Favourable market conditions helped the euro achieve gains despite a minor blip caused by US non-farm payrolls data on 2 December. Meanwhile, the encouraging employment numbers helped the 3 major US indices — the Dow Jones Industrial Average, Nasdaq, and S&P 500 — make gains two weeks in a row for the first time in 3 months.
Following the better-than-expected US non-farm payroll (NFP) data on Friday, 2 December, the euro slipped below $1.05 briefly before rising again. Despite its brief fall, much is moving in favour of the euro, including external factors such as China’s lifting of Covid-19 restrictions, a dovish US Federal Reserve chairman Jerome Powell, cheaper gas prices, and declining inflation in the United States. Any flip in the tide will put pressure on the currency.
The GBP/USD pair extended its four-week winning run amid the ongoing US dollar weakening and a risk-on market environment i.e. a market where stocks are outperforming bonds. The monetary policy difference between the US Federal Reserve and the Bank of England (BoE) has reduced slightly, fuelling the rise of pound sterling.
On the reports front, the US services data from the Institute of Supply Management (ISM) is expected this week. Since the US economy is largely a services economy, this statistic is essential to determining the country’s economic health. As inflation has shown signs of decline, the Producer Price Index (PPI) report, which is due on 9 December, will also be important.
As there is little UK economic data to boost the pound, traders will look to the meeting of the Bank of England’s monetary policy committee (MPC) on 15 December as the next possible catalyst for the currency’s movements.
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The US dollar depreciated which resulted in gold rising about 2% this week. The demand for gold improved over renewed confidence about China’s move away from its zero-Covid policy.
Following the US Bureau of Labor Statistics (BLS) report that non-farm payrolls increased by 263,000 in November — which exceeded the market’s forecast of 200,000 —- gold gave up some of its weekly gains. Furthermore, the BLS reported a yearly wage inflation increase of 5.1%.
China’s ease of Covid restriction also saw oil arrest its three-week fall. However, some of its gains on Friday were muted as the markets awaited the announcement of the Organization of the Petroleum Exporting Countries’ (OPEC+) January output cuts.
Another factor that contributed to the drop in oil prices on Friday was the news that the European Union had agreed to cap Russian oil exports at $60 per barrel as a consequence of the war in Ukraine. Currently, Russia sells most of its oil at a price higher than the cap. The measure’s primary objective is to keep Russian oil flowing to the global markets.
This was a relatively quiet week for major cryptocurrencies, with prices remaining range-bound, even though the effect of the implosion at FTX — a leading cryptocurrency exchange — continues to impact the market. The global crypto market capitalisation stands at USD 870 billion at the time of writing.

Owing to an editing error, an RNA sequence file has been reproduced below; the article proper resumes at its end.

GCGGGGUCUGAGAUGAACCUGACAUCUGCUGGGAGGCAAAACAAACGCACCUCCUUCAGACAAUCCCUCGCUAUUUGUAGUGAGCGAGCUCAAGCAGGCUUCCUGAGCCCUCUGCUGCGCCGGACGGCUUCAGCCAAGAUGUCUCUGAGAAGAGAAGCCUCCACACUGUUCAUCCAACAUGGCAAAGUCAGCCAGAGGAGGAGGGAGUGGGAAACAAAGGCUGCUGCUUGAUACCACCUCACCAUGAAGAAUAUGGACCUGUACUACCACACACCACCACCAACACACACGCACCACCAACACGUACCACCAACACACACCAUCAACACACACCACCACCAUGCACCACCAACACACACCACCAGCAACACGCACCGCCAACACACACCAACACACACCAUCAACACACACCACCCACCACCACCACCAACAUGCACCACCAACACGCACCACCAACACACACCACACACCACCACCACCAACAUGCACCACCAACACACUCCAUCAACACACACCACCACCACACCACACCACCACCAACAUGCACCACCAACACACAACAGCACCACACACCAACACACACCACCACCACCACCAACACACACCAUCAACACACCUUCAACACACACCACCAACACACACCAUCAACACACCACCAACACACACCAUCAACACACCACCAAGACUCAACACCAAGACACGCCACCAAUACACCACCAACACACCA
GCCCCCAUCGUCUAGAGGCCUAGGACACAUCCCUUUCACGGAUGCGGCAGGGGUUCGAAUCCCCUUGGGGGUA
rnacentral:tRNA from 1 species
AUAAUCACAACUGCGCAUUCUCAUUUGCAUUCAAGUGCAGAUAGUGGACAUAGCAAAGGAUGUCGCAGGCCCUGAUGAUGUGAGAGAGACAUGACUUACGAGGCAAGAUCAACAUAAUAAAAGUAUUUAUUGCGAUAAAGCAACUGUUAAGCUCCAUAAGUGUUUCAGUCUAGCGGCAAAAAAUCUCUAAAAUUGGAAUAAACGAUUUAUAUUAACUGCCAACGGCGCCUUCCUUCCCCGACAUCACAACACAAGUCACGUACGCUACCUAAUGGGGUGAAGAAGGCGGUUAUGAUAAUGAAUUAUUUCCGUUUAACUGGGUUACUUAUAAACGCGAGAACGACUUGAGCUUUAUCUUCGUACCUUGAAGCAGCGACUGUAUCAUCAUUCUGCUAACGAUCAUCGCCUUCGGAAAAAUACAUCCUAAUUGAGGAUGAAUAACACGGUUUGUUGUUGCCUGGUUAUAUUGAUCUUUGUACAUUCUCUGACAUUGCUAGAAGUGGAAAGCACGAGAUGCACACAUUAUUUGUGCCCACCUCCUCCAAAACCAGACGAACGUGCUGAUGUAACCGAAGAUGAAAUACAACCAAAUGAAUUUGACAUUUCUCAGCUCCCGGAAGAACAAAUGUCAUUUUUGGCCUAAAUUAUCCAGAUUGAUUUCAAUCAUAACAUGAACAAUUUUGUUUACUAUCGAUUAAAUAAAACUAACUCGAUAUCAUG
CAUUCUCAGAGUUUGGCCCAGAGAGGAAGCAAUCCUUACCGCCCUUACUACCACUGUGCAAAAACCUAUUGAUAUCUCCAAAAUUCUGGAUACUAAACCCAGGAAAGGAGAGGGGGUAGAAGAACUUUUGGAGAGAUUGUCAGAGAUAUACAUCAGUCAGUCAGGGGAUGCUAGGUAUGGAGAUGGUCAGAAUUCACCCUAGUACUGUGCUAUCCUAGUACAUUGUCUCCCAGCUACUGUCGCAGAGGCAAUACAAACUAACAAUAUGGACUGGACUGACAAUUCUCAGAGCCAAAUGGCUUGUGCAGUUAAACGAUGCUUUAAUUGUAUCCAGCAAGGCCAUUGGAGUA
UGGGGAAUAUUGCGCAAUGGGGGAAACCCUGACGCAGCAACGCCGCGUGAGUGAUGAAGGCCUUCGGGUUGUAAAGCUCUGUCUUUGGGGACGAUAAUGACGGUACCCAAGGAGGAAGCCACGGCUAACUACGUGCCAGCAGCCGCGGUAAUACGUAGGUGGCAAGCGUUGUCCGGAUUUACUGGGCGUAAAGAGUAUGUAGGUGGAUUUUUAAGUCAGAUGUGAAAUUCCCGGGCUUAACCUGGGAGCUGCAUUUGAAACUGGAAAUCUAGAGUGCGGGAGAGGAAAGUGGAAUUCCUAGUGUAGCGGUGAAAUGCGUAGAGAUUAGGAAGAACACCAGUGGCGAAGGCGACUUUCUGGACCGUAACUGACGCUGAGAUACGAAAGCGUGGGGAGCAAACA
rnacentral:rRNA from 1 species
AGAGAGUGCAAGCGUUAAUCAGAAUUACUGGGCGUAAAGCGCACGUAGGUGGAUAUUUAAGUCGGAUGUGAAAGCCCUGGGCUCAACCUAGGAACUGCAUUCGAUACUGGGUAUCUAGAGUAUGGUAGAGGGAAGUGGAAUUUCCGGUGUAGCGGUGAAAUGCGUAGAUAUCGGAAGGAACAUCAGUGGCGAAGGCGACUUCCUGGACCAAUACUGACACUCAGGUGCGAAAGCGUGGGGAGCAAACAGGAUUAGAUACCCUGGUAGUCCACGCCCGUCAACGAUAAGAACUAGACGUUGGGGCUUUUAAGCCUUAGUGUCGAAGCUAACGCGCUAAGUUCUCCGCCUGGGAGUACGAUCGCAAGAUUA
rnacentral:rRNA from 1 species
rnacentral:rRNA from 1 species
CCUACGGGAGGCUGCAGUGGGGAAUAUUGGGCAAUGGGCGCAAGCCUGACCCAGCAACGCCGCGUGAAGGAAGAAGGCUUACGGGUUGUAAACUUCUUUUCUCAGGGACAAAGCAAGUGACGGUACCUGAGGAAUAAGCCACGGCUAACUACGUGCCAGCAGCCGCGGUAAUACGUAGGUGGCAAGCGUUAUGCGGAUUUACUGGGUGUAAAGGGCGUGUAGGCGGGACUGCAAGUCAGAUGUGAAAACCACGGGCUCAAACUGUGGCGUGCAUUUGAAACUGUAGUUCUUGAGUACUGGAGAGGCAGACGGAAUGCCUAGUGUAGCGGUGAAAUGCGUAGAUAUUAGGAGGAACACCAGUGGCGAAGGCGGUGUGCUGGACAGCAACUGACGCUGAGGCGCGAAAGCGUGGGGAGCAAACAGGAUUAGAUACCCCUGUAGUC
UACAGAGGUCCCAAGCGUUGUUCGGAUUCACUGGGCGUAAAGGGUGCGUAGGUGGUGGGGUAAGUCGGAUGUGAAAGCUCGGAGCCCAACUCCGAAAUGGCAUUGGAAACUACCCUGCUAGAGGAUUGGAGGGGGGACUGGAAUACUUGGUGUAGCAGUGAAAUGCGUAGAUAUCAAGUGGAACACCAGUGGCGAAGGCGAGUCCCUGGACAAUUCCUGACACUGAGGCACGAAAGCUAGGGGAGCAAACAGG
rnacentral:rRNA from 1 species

The wider crypto market surged after the US Federal Reserve chairman Powell hinted at less aggressive interest rate hikes in the future (the Fed has raised the rate by 75 basis points four consecutive times). Bitcoin, the world’s largest cryptocurrency by market cap, is currently trading at USD 17,131.40. The currency rose above the USD 17,000 mark on Wednesday as traders reacted to the latest US consumer confidence report.
Meanwhile, Ethereum, the second largest digital asset, is currently trading at USD 1,281.41 at the time of writing.
The effects of the fiasco at FTX continue to cast a shadow on the digital currency ecosystem as cryptocurrency firm BlockFi has filed for Chapter 11 bankruptcy protection. BlockFi, which allowed users to earn yield for depositing digital currencies on their platform, first halted withdrawals on the same day that FTX filed for bankruptcy. BlockFi had significant exposure to FTX and associated entities.
Meanwhile in Europe, the Italian government in its latest budget published on 1 December intends to impose a 26% tax on cryptocurrency trading profits exceeding EUR 2,000 per transaction.
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US stock markets
|Name of the index||Friday’s close||*Net change||*Net change (%)|
|Dow Jones Industrial Avg (Wall Street 30)||34,429.88||82.85||0.24%|
|Nasdaq (US Tech 100)||11,994.26||238.23||2.03%|
|S&P 500 (US 500)||4,071.70||45.58||1.13%|
*Net change and net change (%) are based on the weekly closing price change from Friday to Friday.
The better-than-expected employment report came to the rescue of the US stock market as major stock indices made up for the losses incurred earlier in the week. Friday’s close marked the first time the 3 major indices notched back-to-back weekly gains since October.
According to the BLS report, the average hourly earnings came in higher by 0.6% compared to last month and the unemployment rate stayed put at 3.7%. The favourable data has caused traders to reassess expectations about when the US central bank will stop its interest rate hiking spree.
The Nasdaq posted the largest weekly gain at just over 2%. The S&P 500 was up by 1.1%, and the Dow Jones Industrial Average ticked up by 0.2%.
The markets will look at the outcome of the US Fed’s last meeting of 2022 — which is scheduled for 14 December — with the expectation of a lower interest rate hike of 50 bps. The final set of earnings reports are set to be released this week.
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